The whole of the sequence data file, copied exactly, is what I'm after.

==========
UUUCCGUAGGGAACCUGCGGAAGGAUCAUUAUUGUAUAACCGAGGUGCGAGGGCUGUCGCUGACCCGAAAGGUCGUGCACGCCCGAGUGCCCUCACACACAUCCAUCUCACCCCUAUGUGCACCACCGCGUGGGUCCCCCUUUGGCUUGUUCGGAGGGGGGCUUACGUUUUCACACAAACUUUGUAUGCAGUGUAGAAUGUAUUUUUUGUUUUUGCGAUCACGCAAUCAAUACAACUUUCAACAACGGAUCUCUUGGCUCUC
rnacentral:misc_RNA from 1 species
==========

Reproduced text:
UUUCCGUAGGGAACCUGCGGAAGGAUCAUUAUUGUAUAACCGAGGUGCGAGGGCUGUCGCUGACCCGAAAGGUCGUGCACGCCCGAGUGCCCUCACACACAUCCAUCUCACCCCUAUGUGCACCACCGCGUGGGUCCCCCUUUGGCUUGUUCGGAGGGGGGCUUACGUUUUCACACAAACUUUGUAUGCAGUGUAGAAUGUAUUUUUUGUUUUUGCGAUCACGCAAUCAAUACAACUUUCAACAACGGAUCUCUUGGCUCUC
rnacentral:misc_RNA from 1 species